Giddy. That’s how I’d describe it.
Obviously, the term “giddy” doesn’t seem right, but it’s the only word that comes to mind which is even close…but it’s really more than giddy, it’s deeper, this sensation that I feel.
There is something about those Burning House meetings that I haven’t experienced in any other regular meeting of the church since I first began hanging out with the church. It’s not something connected to our order of the service. It’s not the songs we sing, even though there certainly is a lot of passion expressed during those songs. It’s something else.
As I stand in the room, and catch glimpses of all the different people, I almost feel like I need to avert my eyes, the reverence I feel for God is so strong in those moments. I feel like Moses before the burning bush. The atmosphere is not what is usually associated with moments of awe and reverence…people are talking, laughing, chewing and sipping from plastic cups. Almost without exception, there are smiles stretched across every face in the room. Here and there, I witness glassy eyes that are barely containing tears from a torrent.
In those moments, no one would know it, but I start trembling. It’s involuntary…but it begins in my knees and reverberates all through me. I look at the smiling faces, the joy, the bread, the cup; all I can think about are Paul’s words to the Corinthians “…he who eats and drinks in an unworthy manner eats and drinks judgment to himself, not discerning the Lord’s body.” If I understand Paul correctly, my sense of reverential awe is coming from this brush with Jesus Christ Himself, present in His body, the church.
We’ve been accused in the past of doing a disservice to the communion service in our Burning House meetings. I couldn’t disagree more strongly. I understand that it’s very different from a traditional approach, and I understand it requires a loosened grip on our former definitions of “reverence”. It may not be everyone’s cup of tea…but I believe with all my heart we are on a good heading with it.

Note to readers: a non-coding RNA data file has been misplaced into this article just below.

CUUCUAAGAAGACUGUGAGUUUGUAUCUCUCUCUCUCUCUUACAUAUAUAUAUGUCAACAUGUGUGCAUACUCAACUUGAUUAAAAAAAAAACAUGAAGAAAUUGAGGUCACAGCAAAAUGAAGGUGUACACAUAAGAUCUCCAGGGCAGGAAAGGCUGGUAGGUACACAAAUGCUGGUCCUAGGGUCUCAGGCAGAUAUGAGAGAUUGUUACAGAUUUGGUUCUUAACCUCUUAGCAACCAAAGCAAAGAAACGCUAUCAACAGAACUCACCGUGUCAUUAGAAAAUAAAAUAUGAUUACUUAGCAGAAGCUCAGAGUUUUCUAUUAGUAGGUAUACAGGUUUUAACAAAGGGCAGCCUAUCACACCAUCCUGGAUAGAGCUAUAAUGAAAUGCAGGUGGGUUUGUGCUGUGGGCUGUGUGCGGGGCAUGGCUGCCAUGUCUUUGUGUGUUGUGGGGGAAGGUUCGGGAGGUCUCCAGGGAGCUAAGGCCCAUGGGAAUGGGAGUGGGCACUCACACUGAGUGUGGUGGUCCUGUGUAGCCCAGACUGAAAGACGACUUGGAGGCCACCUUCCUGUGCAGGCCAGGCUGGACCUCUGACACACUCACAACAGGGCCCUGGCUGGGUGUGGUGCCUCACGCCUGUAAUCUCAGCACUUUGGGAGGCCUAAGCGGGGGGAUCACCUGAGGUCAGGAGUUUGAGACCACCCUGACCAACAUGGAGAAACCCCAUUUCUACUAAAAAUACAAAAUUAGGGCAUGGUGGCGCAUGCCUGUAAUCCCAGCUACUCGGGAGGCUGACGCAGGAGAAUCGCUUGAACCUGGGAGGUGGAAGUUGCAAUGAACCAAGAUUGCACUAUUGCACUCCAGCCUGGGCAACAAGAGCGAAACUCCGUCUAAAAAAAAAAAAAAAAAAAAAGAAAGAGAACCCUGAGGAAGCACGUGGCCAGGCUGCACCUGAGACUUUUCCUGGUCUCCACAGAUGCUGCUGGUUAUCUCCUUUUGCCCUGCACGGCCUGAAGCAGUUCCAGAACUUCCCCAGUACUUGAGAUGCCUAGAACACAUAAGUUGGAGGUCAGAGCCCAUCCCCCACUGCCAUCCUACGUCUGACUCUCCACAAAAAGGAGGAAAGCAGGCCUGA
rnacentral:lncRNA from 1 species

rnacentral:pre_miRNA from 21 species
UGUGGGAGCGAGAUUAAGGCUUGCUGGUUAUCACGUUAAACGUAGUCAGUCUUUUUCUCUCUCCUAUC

I wish I were a poet, or at least someone who is good with words, then maybe I could articulate what I experience at those meetings. I watch a young man, a teenager, laughing with his friends, sharing torn bits of bread, handing a cup to one of his peers. I watch him, his eyes closed, head held high, mouthing words of prayer for the one he holds hands with. I see him, his face aflame with passion, his hands outstretched to heaven as he sings about his Great Redeemer.
He’s not alone. His passion is repeated all over the room, and my knees want to buckle because I’m in the presence of the body of Jesus. The abyss of His love is like a vortex we’re drawn into.
Burning House keeps me alive. There are a lot of things in life that I’m convinced are designed to kill me…at least emotionally. I battle discouragement and depression on a daily basis, and sometimes I just don’t win. But at Burning House I tremble before that Something So Much Bigger than myself, and I find strength…vitality, inspiration, motivation…to press ahead in the journey. I can smile, remembering that none of this is dependent on me. I’m too frail, too flawed for that. It all rests with Jesus, present in His body.